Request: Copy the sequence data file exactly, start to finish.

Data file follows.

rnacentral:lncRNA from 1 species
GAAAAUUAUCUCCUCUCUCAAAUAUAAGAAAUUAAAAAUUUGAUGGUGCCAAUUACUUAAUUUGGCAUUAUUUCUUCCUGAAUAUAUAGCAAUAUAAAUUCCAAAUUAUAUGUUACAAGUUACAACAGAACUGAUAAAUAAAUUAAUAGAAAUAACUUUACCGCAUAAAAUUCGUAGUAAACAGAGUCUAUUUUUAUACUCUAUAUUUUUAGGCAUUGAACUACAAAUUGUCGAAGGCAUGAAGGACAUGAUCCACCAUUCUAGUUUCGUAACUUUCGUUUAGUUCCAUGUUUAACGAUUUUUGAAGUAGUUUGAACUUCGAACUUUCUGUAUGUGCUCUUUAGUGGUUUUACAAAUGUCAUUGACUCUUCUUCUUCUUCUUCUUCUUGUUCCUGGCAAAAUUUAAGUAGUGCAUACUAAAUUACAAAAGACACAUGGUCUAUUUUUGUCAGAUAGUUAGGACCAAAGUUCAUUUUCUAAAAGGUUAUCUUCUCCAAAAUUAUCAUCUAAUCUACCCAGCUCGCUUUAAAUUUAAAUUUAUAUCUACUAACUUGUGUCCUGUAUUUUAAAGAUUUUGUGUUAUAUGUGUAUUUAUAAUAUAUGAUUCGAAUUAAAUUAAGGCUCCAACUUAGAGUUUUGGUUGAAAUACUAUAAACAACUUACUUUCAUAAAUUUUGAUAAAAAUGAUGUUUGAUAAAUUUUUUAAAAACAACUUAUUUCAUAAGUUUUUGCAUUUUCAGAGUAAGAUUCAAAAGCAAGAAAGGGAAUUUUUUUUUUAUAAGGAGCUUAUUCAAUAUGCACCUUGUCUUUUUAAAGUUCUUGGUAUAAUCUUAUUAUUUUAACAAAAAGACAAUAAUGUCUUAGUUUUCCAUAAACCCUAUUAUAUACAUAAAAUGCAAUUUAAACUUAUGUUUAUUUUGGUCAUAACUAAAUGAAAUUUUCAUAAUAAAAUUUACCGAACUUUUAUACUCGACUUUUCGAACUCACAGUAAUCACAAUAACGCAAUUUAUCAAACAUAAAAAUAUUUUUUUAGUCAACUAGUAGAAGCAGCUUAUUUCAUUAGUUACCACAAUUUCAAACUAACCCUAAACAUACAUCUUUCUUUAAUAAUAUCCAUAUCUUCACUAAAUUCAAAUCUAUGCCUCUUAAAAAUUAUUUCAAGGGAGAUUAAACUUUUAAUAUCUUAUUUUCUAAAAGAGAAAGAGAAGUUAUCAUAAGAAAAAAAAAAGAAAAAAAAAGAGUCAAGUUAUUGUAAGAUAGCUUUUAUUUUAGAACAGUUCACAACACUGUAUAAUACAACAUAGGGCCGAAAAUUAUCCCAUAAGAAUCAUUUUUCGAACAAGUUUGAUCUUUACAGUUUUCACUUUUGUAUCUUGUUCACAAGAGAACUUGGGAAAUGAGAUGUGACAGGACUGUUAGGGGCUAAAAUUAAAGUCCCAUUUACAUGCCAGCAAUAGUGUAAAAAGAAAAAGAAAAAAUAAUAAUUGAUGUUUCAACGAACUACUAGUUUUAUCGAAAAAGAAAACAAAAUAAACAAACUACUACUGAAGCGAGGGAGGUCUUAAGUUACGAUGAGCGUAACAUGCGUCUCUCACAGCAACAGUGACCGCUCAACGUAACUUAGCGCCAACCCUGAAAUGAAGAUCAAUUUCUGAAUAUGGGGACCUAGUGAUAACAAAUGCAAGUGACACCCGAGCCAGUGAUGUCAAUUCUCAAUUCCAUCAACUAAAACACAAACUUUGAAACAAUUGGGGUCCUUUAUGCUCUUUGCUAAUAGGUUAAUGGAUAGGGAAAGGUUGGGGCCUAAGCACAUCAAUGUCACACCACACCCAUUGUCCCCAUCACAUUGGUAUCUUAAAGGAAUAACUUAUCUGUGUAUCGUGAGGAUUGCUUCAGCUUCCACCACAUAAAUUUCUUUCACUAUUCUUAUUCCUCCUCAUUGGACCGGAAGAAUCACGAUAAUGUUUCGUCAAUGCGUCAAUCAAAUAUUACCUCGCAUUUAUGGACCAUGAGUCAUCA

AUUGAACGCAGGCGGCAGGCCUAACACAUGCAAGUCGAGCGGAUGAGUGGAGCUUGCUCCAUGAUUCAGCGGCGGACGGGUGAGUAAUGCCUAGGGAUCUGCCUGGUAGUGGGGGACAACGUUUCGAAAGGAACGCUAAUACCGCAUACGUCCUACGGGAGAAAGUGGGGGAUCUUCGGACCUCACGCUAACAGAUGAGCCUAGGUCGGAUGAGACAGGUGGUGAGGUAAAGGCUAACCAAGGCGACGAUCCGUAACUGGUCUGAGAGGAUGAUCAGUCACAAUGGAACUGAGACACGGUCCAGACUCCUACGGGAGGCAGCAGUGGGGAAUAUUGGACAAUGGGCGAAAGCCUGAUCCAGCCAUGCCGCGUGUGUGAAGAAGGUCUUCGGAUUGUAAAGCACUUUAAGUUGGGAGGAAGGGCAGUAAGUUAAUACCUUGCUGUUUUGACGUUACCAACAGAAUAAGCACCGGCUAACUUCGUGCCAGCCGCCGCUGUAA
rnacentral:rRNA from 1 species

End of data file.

rnacentral:lncRNA from 1 species
GAAAAUUAUCUCCUCUCUCAAAUAUAAGAAAUUAAAAAUUUGAUGGUGCCAAUUACUUAAUUUGGCAUUAUUUCUUCCUGAAUAUAUAGCAAUAUAAAUUCCAAAUUAUAUGUUACAAGUUACAACAGAACUGAUAAAUAAAUUAAUAGAAAUAACUUUACCGCAUAAAAUUCGUAGUAAACAGAGUCUAUUUUUAUACUCUAUAUUUUUAGGCAUUGAACUACAAAUUGUCGAAGGCAUGAAGGACAUGAUCCACCAUUCUAGUUUCGUAACUUUCGUUUAGUUCCAUGUUUAACGAUUUUUGAAGUAGUUUGAACUUCGAACUUUCUGUAUGUGCUCUUUAGUGGUUUUACAAAUGUCAUUGACUCUUCUUCUUCUUCUUCUUCUUGUUCCUGGCAAAAUUUAAGUAGUGCAUACUAAAUUACAAAAGACACAUGGUCUAUUUUUGUCAGAUAGUUAGGACCAAAGUUCAUUUUCUAAAAGGUUAUCUUCUCCAAAAUUAUCAUCUAAUCUACCCAGCUCGCUUUAAAUUUAAAUUUAUAUCUACUAACUUGUGUCCUGUAUUUUAAAGAUUUUGUGUUAUAUGUGUAUUUAUAAUAUAUGAUUCGAAUUAAAUUAAGGCUCCAACUUAGAGUUUUGGUUGAAAUACUAUAAACAACUUACUUUCAUAAAUUUUGAUAAAAAUGAUGUUUGAUAAAUUUUUUAAAAACAACUUAUUUCAUAAGUUUUUGCAUUUUCAGAGUAAGAUUCAAAAGCAAGAAAGGGAAUUUUUUUUUUAUAAGGAGCUUAUUCAAUAUGCACCUUGUCUUUUUAAAGUUCUUGGUAUAAUCUUAUUAUUUUAACAAAAAGACAAUAAUGUCUUAGUUUUCCAUAAACCCUAUUAUAUACAUAAAAUGCAAUUUAAACUUAUGUUUAUUUUGGUCAUAACUAAAUGAAAUUUUCAUAAUAAAAUUUACCGAACUUUUAUACUCGACUUUUCGAACUCACAGUAAUCACAAUAACGCAAUUUAUCAAACAUAAAAAUAUUUUUUUAGUCAACUAGUAGAAGCAGCUUAUUUCAUUAGUUACCACAAUUUCAAACUAACCCUAAACAUACAUCUUUCUUUAAUAAUAUCCAUAUCUUCACUAAAUUCAAAUCUAUGCCUCUUAAAAAUUAUUUCAAGGGAGAUUAAACUUUUAAUAUCUUAUUUUCUAAAAGAGAAAGAGAAGUUAUCAUAAGAAAAAAAAAAGAAAAAAAAAGAGUCAAGUUAUUGUAAGAUAGCUUUUAUUUUAGAACAGUUCACAACACUGUAUAAUACAACAUAGGGCCGAAAAUUAUCCCAUAAGAAUCAUUUUUCGAACAAGUUUGAUCUUUACAGUUUUCACUUUUGUAUCUUGUUCACAAGAGAACUUGGGAAAUGAGAUGUGACAGGACUGUUAGGGGCUAAAAUUAAAGUCCCAUUUACAUGCCAGCAAUAGUGUAAAAAGAAAAAGAAAAAAUAAUAAUUGAUGUUUCAACGAACUACUAGUUUUAUCGAAAAAGAAAACAAAAUAAACAAACUACUACUGAAGCGAGGGAGGUCUUAAGUUACGAUGAGCGUAACAUGCGUCUCUCACAGCAACAGUGACCGCUCAACGUAACUUAGCGCCAACCCUGAAAUGAAGAUCAAUUUCUGAAUAUGGGGACCUAGUGAUAACAAAUGCAAGUGACACCCGAGCCAGUGAUGUCAAUUCUCAAUUCCAUCAACUAAAACACAAACUUUGAAACAAUUGGGGUCCUUUAUGCUCUUUGCUAAUAGGUUAAUGGAUAGGGAAAGGUUGGGGCCUAAGCACAUCAAUGUCACACCACACCCAUUGUCCCCAUCACAUUGGUAUCUUAAAGGAAUAACUUAUCUGUGUAUCGUGAGGAUUGCUUCAGCUUCCACCACAUAAAUUUCUUUCACUAUUCUUAUUCCUCCUCAUUGGACCGGAAGAAUCACGAUAAUGUUUCGUCAAUGCGUCAAUCAAAUAUUACCUCGCAUUUAUGGACCAUGAGUCAUCA

AUUGAACGCAGGCGGCAGGCCUAACACAUGCAAGUCGAGCGGAUGAGUGGAGCUUGCUCCAUGAUUCAGCGGCGGACGGGUGAGUAAUGCCUAGGGAUCUGCCUGGUAGUGGGGGACAACGUUUCGAAAGGAACGCUAAUACCGCAUACGUCCUACGGGAGAAAGUGGGGGAUCUUCGGACCUCACGCUAACAGAUGAGCCUAGGUCGGAUGAGACAGGUGGUGAGGUAAAGGCUAACCAAGGCGACGAUCCGUAACUGGUCUGAGAGGAUGAUCAGUCACAAUGGAACUGAGACACGGUCCAGACUCCUACGGGAGGCAGCAGUGGGGAAUAUUGGACAAUGGGCGAAAGCCUGAUCCAGCCAUGCCGCGUGUGUGAAGAAGGUCUUCGGAUUGUAAAGCACUUUAAGUUGGGAGGAAGGGCAGUAAGUUAAUACCUUGCUGUUUUGACGUUACCAACAGAAUAAGCACCGGCUAACUUCGUGCCAGCCGCCGCUGUAA
rnacentral:rRNA from 1 species